Australia’s ambitious arms-export strategy reflects the trend of Asian states rising in the global and regional arms market.

Japanese Orion surveillance planes. Credit: Kyodo News via Getty Images

By Lucie Béraud-Sudreau, Research Fellow for Defence Economics and Procurement

In late January 2018, the Australian Ministry of Defence unveiled a ‘Defence Export Strategy’, intended to propel the country into the world’s top-ten arms exporters by 2028. To this end, the government will set up new arms-export support instruments, similar to those put in place by traditional arms-exporting states, including a dedicated export-support agency and loans for defence-industrial groups wishing to increase foreign sales. Despite these new tools, rising to the top-ten of global arms exporters is an ambitious goal, and it is unlikely that Australia can reach it in the given period.

Indeed, today’s major arms suppliers rely on large defence technological and industrial bases (DTIBs) and equally large domestic markets: this is the case for China, Russia and the United States, the world’s largest arms exporters. Second-tier arms exporters, such as Western European states like France and Italy, among others, for their part, rely on decades spent developing and sustaining local DTIBs, enabled by significant investments, including in long-term research and development.

The new Australian export strategy reflects an increasingly evident trend in Asia, where states are developing their domestic arms industries and increasingly participating in the global arms market. As part of this, China and Japan have begun competing to gain regional influence through arms transfers, a process that has accelerated since Japan’s relaxation in 2014 of its self-imposed ban on arms exports. However, Tokyo’s difficulty in carving a place for itself in the global and regional arms trade (for example, losing out to France’s DCNS in Australia’s submarine-procurement competition) should be a warning for Canberra; all the more so that Japan relies on an already strong DTIB, which Australia is lacking.

This Sino-Japanese competition can be observed in Malaysia, to whom Japan offered retired Lockheed Martin P-3 Orion maritime-patrol aircraft, whilst China agreed to supply littoral mission ships, to be built in Malaysia. Meanwhile, China donated 3,000 assault rifles to the Philippines and Japan agreed to provide parts for the Philippines’ Bell UH-1 utility helicopters, having already supplied second-hand Beechcraft TC-90 King Air aircraft and vessels for the coastguard.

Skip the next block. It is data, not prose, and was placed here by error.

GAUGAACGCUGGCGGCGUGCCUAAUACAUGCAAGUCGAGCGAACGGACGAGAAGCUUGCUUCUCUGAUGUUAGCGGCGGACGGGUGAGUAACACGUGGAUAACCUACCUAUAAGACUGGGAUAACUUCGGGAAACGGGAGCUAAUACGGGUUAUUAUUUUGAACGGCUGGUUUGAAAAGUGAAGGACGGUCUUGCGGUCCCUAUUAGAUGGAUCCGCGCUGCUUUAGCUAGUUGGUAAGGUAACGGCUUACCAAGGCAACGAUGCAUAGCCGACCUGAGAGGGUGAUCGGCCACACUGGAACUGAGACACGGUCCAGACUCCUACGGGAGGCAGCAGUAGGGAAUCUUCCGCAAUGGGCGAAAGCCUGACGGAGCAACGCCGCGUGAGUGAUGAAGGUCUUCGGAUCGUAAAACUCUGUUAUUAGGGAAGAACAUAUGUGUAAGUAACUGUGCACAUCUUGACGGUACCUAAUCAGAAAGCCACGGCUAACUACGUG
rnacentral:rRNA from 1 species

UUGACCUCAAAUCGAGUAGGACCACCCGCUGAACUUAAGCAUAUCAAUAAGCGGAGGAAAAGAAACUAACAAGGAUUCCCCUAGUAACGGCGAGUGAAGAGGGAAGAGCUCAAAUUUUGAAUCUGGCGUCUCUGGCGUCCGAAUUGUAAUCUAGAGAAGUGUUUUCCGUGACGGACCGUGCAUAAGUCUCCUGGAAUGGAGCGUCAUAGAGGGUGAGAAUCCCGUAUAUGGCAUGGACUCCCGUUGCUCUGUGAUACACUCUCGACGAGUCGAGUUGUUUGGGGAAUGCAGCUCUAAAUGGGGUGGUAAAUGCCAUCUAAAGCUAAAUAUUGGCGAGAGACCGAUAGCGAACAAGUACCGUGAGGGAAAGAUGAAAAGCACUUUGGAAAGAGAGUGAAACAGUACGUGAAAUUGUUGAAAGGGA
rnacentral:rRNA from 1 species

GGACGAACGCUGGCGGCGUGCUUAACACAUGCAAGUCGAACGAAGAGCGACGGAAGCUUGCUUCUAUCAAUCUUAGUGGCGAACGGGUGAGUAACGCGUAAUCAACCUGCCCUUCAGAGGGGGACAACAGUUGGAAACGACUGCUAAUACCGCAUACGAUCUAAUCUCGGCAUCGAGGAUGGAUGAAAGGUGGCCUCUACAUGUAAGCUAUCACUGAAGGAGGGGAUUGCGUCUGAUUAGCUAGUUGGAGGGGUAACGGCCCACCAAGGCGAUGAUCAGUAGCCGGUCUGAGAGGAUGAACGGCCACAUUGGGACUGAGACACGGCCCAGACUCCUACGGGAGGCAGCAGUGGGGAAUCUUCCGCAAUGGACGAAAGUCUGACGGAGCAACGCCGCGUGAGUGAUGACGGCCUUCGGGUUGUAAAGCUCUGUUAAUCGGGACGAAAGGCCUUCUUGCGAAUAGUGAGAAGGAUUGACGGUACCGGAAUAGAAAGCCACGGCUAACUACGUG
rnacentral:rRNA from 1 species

In Thailand, China has long cooperated with the Defence Technology Institute on multiple-launch rocket systems. More recently, Bangkok ordered 28 VT-4 main battle tanks from China, with a first batch delivered in October 2017, and an attack submarine was ordered from China in May the same year. However, Japan is only at the stage of negotiating a defence trade and technology agreement with Thailand.

In Vietnam, where it is not competing with Chinese influence, Japan provided six second-hand patrol vessels in 2014 and offered six more in early 2017. Tokyo has also pledged military aid worth US$500 million to Southeast Asian countries, including Vietnam and the Philippines, over the period 2017–19. Further south, Japan is also looking to strengthen ties with Indonesia and India, notably with the potential sale of US-2i amphibious search-and-rescue aircraft. However, as shown in the table below, China is significantly ahead of Japan in terms of regional arms exports.

China and Japan arms orders. ©IISS

Beyond this developing Sino-Japanese rivalry, other Asian arms exporters are rising in the global and regional arms market. This is notably the case for South Korea, for whom, in 2017, arms exports totalled US$3.2 billion – a 25% increase on 2016 sales. Still at an earlier stage in the development of its arms-export policy, Indonesia is also looking to increase its arms sales, in the region and beyond. Indonesian companies have won contracts in various Asian states: in 2014, the Philippines placed an order for two landing platform docks with the shipbuilding company PT PAL and in 2017 Nepal signed with PT DI for the supply of one CN-235M light transport aircraft, to be delivered before the end of 2018. Beyond Asia, Indonesian firms are also looking to gain market shares in Africa, Europe and the Middle East. For example, PT DI agreed the sale of a CN-235 with Senegal in 2014.

While Australia’s goal to reach the top-ten of arms exporters in the next decade appears unachievable, these examples show that if the political leadership of a country chooses to prioritise the defence industry, for example South Korea, which has become a major arms exporter, significant results can be achieved. However, Japan’s recent attempts to penetrate the global arms trade reveal that a technologically advanced DTIB is not enough.

More broadly, Australia’s ambitious objective reflects the region’s increasing determination to limit the reliance on foreign defence-equipment suppliers, as well as to reap more economic benefits from the large investments in defence by Asian states in recent years.

This article is based on the IISS Military Balance 2018 and first appeared on the Macdonald-Laurier Institute

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